Two unrelated interactions over the past week or so have me thinking about loyalty and value and where to draw the line in the search. Somewhat interesting to me is that one of the stories comes from the passenger side and the other from the airline side and they both have a similar conclusion. Both are also surprisingly rational, which might just be the most shocking bit of all.
I’m not paying for my flights but when I see something that’s half the cost, I can’t help it but to go with the lower cost carrier.
The above is an excerpt from a post on FlyerTalk made by a relatively new member trying to figure out how they should focus their loyalty given the spread in fares. Even if the money doesn’t come out of your personal pocket there it is a challenge to spend so much more for essentially the same product. Somewhat unsurprising was the suggestion by some members that the double fare can be justified but I suppose that’s part of the mentality at play in the market. Of course, it isn’t always the same product and there are both big and small differences between the service, flights and value on any given choice. Still, I tend to struggle with justifying the 2x price point to make a trip like this happen. And for passengers paying out of their own pocket that’s an even harder spend to justify.
The second quote came from an airline loyalty executive talking about his program and carrier and their approach to loyalty marketing:
I may not get 100% of your wallet. But I want to be in your consideration set on every transaction.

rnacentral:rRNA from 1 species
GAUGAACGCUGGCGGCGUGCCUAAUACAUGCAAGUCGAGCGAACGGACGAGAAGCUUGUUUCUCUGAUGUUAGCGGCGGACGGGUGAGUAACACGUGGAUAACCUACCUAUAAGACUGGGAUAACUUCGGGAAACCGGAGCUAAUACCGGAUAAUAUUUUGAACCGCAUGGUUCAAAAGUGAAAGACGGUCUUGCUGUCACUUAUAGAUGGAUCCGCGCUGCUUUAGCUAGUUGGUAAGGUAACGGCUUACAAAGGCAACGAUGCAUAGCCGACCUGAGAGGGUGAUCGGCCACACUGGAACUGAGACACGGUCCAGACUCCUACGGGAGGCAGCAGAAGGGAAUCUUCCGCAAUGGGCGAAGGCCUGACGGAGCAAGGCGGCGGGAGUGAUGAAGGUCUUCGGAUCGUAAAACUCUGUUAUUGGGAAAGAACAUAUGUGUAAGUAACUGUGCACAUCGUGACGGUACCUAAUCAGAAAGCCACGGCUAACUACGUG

It makes sense, of course, that no company thinks they can be all things to a passenger in every scenario. There is a bit of humility required to get to that point and such a display is not often seen. And that’s a shame, really, as such an approach is probably better for most passengers most of the time.
To be fair, I know I’m not the same as most passengers and I know I’m not the target of that loyalty program. But they do get my consideration on every trip. Part of that is because they’re generally a more pleasant airline to fly on in my experience but the other part of that comes from having a rational and practical approach to the market and to addressing their customers.
Loyalty programs are great when the rewards you’re realizing are greater than the investment being made. Just make sure you’re accounting for that as you make your loyalty decisions.
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